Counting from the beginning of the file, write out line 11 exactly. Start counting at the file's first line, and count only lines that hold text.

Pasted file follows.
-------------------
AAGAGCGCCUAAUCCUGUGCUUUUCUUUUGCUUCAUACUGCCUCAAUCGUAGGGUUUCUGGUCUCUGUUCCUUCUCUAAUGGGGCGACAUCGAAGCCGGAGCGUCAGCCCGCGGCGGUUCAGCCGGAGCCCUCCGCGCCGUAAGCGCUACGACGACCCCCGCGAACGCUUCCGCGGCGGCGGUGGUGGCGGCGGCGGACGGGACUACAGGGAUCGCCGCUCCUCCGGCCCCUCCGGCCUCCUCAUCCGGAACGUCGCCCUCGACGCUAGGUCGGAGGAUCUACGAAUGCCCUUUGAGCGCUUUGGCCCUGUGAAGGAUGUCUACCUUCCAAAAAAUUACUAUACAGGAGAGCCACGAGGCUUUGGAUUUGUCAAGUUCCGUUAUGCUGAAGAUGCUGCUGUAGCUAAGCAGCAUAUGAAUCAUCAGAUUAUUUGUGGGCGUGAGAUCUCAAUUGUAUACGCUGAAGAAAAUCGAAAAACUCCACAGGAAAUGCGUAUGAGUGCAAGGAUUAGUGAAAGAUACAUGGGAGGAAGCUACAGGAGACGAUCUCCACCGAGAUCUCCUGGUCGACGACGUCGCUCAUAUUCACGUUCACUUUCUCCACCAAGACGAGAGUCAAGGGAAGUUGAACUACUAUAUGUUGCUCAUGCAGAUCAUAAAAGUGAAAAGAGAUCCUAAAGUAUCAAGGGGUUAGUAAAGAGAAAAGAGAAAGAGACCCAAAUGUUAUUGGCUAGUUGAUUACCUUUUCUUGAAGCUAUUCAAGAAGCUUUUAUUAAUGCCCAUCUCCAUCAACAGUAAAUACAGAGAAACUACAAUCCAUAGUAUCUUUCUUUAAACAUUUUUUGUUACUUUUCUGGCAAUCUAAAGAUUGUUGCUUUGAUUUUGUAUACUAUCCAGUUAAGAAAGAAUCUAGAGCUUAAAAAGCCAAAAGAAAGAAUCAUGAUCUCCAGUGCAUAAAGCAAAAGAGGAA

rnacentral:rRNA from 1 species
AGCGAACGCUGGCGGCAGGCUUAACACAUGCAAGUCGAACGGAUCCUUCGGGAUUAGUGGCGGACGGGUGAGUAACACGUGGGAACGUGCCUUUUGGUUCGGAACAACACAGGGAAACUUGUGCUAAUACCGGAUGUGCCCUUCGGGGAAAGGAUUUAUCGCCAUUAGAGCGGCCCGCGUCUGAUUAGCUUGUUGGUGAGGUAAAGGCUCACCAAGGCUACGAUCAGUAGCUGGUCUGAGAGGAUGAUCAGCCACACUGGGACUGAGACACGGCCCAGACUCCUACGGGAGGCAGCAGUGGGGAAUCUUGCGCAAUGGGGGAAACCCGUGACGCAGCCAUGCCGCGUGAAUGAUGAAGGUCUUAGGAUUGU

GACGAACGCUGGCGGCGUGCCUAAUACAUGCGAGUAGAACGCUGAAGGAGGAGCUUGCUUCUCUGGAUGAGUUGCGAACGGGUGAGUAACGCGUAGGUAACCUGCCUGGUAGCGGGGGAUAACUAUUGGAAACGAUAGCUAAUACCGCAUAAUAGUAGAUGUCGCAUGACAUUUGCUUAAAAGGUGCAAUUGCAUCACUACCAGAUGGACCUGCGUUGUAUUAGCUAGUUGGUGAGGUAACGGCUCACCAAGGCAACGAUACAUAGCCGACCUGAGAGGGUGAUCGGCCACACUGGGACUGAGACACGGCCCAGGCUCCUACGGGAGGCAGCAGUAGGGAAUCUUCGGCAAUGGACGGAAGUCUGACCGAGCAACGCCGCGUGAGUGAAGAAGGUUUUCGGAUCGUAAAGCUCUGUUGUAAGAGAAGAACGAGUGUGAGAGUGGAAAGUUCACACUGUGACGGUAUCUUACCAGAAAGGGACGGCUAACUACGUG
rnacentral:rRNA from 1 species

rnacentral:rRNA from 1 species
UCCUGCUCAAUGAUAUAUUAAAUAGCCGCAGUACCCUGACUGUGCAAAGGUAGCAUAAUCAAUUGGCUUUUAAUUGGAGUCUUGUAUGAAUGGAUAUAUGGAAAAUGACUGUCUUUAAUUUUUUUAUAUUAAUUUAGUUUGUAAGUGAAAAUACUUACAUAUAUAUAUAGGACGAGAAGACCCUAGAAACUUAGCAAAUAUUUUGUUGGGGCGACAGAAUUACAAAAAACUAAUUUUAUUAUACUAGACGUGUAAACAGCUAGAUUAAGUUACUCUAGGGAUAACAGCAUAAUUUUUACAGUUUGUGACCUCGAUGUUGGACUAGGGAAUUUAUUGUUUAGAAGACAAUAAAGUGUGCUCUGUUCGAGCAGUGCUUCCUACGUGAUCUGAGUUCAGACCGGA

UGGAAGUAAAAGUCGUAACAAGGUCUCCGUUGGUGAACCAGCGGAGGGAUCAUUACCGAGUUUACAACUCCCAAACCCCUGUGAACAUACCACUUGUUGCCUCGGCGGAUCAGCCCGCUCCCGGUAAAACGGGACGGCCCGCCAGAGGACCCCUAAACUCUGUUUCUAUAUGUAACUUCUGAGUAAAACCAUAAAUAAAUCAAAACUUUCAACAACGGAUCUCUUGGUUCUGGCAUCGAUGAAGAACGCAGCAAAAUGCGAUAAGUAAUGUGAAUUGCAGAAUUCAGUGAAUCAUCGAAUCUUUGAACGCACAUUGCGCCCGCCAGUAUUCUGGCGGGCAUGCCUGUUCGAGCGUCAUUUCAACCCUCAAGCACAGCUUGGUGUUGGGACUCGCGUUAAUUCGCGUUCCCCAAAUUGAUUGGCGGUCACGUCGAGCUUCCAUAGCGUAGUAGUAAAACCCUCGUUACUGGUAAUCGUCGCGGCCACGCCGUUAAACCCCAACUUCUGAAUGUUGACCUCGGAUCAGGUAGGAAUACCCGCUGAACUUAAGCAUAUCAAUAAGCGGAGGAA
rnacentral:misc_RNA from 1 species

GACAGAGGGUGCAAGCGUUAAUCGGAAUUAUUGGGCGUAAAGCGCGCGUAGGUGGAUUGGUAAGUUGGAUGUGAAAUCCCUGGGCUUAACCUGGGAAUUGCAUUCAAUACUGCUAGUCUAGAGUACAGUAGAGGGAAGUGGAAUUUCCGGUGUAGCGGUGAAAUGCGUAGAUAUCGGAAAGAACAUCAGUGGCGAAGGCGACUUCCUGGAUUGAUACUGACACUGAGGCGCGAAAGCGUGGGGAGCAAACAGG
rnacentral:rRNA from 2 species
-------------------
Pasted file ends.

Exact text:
rnacentral:rRNA from 2 species